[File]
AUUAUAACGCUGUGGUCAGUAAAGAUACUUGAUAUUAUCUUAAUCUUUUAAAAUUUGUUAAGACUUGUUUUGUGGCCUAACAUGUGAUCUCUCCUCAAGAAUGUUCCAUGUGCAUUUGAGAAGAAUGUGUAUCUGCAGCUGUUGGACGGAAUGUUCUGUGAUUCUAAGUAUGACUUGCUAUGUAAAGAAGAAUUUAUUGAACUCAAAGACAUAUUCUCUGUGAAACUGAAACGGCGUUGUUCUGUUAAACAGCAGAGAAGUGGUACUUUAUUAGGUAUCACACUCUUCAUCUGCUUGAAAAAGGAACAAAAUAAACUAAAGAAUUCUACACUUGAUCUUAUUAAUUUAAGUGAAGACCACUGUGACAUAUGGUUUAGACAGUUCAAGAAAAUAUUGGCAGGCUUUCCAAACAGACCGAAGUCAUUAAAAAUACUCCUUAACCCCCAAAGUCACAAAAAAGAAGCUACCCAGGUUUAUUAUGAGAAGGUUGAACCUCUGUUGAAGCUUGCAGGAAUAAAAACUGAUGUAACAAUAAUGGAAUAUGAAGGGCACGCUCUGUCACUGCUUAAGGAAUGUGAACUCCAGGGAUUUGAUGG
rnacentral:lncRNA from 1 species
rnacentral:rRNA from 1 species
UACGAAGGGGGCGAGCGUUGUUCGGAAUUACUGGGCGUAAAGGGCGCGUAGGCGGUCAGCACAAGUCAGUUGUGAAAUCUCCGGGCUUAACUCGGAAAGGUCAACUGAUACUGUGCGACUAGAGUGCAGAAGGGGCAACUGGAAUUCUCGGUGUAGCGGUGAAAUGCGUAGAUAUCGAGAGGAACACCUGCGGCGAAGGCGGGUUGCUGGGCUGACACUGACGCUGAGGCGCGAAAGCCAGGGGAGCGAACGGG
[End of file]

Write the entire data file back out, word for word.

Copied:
AUUAUAACGCUGUGGUCAGUAAAGAUACUUGAUAUUAUCUUAAUCUUUUAAAAUUUGUUAAGACUUGUUUUGUGGCCUAACAUGUGAUCUCUCCUCAAGAAUGUUCCAUGUGCAUUUGAGAAGAAUGUGUAUCUGCAGCUGUUGGACGGAAUGUUCUGUGAUUCUAAGUAUGACUUGCUAUGUAAAGAAGAAUUUAUUGAACUCAAAGACAUAUUCUCUGUGAAACUGAAACGGCGUUGUUCUGUUAAACAGCAGAGAAGUGGUACUUUAUUAGGUAUCACACUCUUCAUCUGCUUGAAAAAGGAACAAAAUAAACUAAAGAAUUCUACACUUGAUCUUAUUAAUUUAAGUGAAGACCACUGUGACAUAUGGUUUAGACAGUUCAAGAAAAUAUUGGCAGGCUUUCCAAACAGACCGAAGUCAUUAAAAAUACUCCUUAACCCCCAAAGUCACAAAAAAGAAGCUACCCAGGUUUAUUAUGAGAAGGUUGAACCUCUGUUGAAGCUUGCAGGAAUAAAAACUGAUGUAACAAUAAUGGAAUAUGAAGGGCACGCUCUGUCACUGCUUAAGGAAUGUGAACUCCAGGGAUUUGAUGG
rnacentral:lncRNA from 1 species
rnacentral:rRNA from 1 species
UACGAAGGGGGCGAGCGUUGUUCGGAAUUACUGGGCGUAAAGGGCGCGUAGGCGGUCAGCACAAGUCAGUUGUGAAAUCUCCGGGCUUAACUCGGAAAGGUCAACUGAUACUGUGCGACUAGAGUGCAGAAGGGGCAACUGGAAUUCUCGGUGUAGCGGUGAAAUGCGUAGAUAUCGAGAGGAACACCUGCGGCGAAGGCGGGUUGCUGGGCUGACACUGACGCUGAGGCGCGAAAGCCAGGGGAGCGAACGGG